In 1997, the German TV Channel “Deutsche Welle” aired an episode of its series “Jugendmagazin ‘100 Grad’” (English: Youth Magazine 100 Degrees), which featured a starry-eyed, ambitious 18-year old called Christian Lindner. In the video, Lindner drives his Mercedes and complains about the fact that school takes away time from his consulting business. Despite the ill-fitting suit and horrendous cow print tie, one thing was abundantly clear: this guy is going places. And go places he did. Fast forward to 2021, and this same man is the fearless leader of Germany’s liberal party, the FDP, being described as the “Kingmaker” of the next German government. Christian Lindner joined the FDP as a 14 year-old, and he truly lives and breathes his party’s ideology of “business knows best” and “personal freedom.”
It seems Lindner did something right, as his party received 11.5 percent of the popular vote this time around. This result is on the higher end of historic outcomes for the FDP. On top of this promising result, the fact that the SPD and CDU/CSU have very clearly indicated they don’t plan on governing together again means the FDP, together with the Greens, will be the deciding parties in building the next government. Given that Lindner holds this unique power, we want to give you some insights into the liberal leader’s brain and highlight three key factors that move him politically. This is the House’s View on three key elements that will influence Lindner and his party during upcoming exploratory talks:
We’re Not Going Through this Breakup Again
“It’s better not to govern, than to govern wrong.” That’s the quote that comes to mind when Germans hear the words Christian Lindner and coalition talks in the same sentence. Back in 2017, Lindner gave the above statement when his party broke off “Jamaica” coalition talks between themselves, the Greens, and the CDU/CSU. Reason: they did not want to compromise their principles. Result: many people struggled to take the FDP seriously, as it threw its chance at governing out the window and opted to sit on the opposition bench instead. Lindner is likely still haunted by the ghost of elections past and will therefore do everything in his power to ensure his party is part of the next government.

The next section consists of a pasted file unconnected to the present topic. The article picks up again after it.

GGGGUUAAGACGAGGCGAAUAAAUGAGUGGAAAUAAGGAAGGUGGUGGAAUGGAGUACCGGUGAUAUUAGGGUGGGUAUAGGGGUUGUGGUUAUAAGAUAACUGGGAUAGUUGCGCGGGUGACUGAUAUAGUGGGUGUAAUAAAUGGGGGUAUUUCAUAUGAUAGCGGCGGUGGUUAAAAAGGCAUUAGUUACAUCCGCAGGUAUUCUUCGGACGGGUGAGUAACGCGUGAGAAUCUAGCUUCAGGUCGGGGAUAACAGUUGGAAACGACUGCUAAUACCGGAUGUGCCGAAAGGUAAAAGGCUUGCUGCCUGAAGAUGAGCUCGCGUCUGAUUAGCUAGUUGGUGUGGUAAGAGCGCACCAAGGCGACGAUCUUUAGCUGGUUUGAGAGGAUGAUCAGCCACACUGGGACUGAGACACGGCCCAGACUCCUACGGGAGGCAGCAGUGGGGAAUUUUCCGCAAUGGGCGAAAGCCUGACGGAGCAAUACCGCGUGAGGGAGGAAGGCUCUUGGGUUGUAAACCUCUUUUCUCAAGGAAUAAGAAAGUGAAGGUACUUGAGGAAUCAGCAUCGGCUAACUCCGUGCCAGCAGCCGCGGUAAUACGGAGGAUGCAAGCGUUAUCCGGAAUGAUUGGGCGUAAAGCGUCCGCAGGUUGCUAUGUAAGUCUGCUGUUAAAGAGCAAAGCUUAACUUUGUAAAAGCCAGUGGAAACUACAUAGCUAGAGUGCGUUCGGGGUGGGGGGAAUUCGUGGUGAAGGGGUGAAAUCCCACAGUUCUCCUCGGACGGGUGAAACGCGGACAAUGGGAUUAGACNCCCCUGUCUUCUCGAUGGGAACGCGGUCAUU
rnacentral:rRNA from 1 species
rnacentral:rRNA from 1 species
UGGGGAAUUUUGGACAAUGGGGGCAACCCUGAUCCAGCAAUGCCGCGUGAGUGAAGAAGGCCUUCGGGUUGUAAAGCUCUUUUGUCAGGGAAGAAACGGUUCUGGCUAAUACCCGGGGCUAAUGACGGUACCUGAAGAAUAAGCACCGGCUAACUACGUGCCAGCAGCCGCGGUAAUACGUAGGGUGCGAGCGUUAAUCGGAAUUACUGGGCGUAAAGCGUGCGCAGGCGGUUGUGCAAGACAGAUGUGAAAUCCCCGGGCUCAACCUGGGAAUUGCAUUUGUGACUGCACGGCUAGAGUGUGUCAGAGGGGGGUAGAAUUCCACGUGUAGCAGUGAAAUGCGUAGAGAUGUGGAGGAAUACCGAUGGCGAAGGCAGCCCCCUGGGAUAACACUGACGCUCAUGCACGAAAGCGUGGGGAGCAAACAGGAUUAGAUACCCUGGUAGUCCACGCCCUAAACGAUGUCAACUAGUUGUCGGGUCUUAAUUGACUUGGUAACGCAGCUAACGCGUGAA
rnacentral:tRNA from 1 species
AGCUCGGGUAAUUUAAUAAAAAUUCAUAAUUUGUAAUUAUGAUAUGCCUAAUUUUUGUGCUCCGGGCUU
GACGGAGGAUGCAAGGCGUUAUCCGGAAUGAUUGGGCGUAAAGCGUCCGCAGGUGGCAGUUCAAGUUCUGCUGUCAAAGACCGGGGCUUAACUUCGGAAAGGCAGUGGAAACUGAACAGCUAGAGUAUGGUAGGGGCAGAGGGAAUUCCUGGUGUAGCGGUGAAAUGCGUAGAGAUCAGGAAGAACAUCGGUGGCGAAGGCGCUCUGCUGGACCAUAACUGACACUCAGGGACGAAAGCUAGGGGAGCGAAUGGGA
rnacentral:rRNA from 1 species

What does it mean for possible coalitions?
These past demons likely mean that Lindner will be marching into any coalition negotiations with a significantly more open mind than last time, more willing to compromise in certain areas.
Let Freedom Ring
Another important factor to consider inside Lindner’s brain at the moment: he’s feeling good about himself and his party. Previously, that wasn’t the case. In 2013, the party failed to enter the Parliament because they fell short of the 5 percent hurdle. The party slowly built itself up from there but back in 2020, and up until the beginning of this year, the party was polling between the 5 and 7 percent marks. Then, suddenly like magic, the party’s popularity steadily increased. And like any good magic trick, peaking behind the curtain will reveal what really happened. First, young people happened. Specifically, individuals between 18 and 29, of which the FDP won almost one-fifth of the share of votes. Second, the Coronavirus pandemic happened. During the pandemic, the FDP was one of the strongest critics of the government’s Coronavirus policies, particularly of blanket lockdowns for their detrimental effects on businesses and individuals’ freedom. Fair to say this resonated with many voters, and Lindner’s party is currently riding an upward trend. This will surely give him confidence in coalition talks, as he knows his voter base is behind him.
What does it mean for possible coalitions?
The FDP’s appeal among young people and previous experience in the opposition means the party is ready to set new impulses and issue in much-needed change. Get ready for some potentially unconventional ideas.
He’s the Tax Man